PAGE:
But if I really am allowed to provide recommendations of betterment of the museum, I’d say they must prepare people (recruited as curators or guides to stand by at the museum) with deep and broad understanding of the history of jenang, meaning it includes not only the history of the brand and family history but also how it was usually made in the past, what utensils were required and how jenang was made back then, and we may go forward to the current progress when modern industrialism came and was adopted, enabling jenang to be produced by machines and wrapped in plastic and shiny, neat dark paper boxes, in various novel tastes and flavors no one had never imagined before. With the presence of guides or curators to tell people stories (contexts) behind whatever is shown there, the museum is going to be one of the vital centers of history learning. That said, people know more about the roots, the society they are living in with all the norms and traditions and beliefs and customs.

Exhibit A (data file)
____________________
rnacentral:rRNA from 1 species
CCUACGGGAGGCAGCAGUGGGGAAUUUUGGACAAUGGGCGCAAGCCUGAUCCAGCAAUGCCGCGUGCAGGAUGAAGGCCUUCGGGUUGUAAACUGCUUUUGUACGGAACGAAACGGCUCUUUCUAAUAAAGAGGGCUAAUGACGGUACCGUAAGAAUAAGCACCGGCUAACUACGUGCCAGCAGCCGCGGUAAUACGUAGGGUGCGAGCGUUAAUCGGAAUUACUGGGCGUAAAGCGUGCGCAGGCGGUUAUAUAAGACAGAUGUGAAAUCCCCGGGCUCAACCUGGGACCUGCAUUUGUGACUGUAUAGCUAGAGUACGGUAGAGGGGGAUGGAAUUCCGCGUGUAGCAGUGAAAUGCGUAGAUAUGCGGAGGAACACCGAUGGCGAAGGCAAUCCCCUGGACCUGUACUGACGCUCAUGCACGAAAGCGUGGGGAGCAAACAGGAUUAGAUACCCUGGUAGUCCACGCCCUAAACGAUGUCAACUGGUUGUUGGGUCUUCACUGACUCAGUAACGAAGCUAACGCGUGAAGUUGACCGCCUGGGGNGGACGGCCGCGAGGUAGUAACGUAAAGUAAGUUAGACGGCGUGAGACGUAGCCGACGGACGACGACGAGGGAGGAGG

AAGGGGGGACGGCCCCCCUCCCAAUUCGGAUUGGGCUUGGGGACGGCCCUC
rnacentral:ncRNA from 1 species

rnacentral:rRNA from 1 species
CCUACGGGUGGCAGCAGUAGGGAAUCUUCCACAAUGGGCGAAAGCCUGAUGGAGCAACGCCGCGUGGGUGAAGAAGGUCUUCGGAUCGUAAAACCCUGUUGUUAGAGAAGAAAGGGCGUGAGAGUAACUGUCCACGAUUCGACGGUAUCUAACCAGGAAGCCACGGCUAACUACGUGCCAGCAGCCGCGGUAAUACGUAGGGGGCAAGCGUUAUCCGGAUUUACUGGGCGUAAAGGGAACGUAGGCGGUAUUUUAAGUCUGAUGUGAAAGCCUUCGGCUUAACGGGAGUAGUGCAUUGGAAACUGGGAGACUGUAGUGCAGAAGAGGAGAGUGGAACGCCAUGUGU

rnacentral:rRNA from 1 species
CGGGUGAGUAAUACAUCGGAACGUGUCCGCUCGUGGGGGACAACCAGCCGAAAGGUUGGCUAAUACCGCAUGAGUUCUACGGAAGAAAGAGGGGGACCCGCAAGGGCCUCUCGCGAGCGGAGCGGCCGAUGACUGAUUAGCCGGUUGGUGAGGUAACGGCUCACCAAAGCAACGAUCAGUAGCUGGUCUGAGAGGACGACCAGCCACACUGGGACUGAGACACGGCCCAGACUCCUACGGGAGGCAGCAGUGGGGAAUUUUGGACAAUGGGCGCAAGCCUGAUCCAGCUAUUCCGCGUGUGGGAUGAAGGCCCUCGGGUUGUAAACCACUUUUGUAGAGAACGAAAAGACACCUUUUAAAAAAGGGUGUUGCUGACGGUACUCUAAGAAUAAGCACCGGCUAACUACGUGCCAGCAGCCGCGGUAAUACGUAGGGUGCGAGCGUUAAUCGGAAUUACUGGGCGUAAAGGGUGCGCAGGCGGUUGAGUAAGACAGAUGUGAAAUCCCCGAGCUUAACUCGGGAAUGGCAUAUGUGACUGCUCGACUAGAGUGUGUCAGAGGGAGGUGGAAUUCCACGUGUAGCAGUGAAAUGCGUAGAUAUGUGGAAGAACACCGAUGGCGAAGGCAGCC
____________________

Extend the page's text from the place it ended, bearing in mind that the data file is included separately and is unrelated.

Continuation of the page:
The museum was recently founded so we may expect more improvement in the upcoming years. And if you think it’s interesting, but know nothing about how to get there, send me your query via email at akhlispurnomo(at)gmail(dot)com. (*/)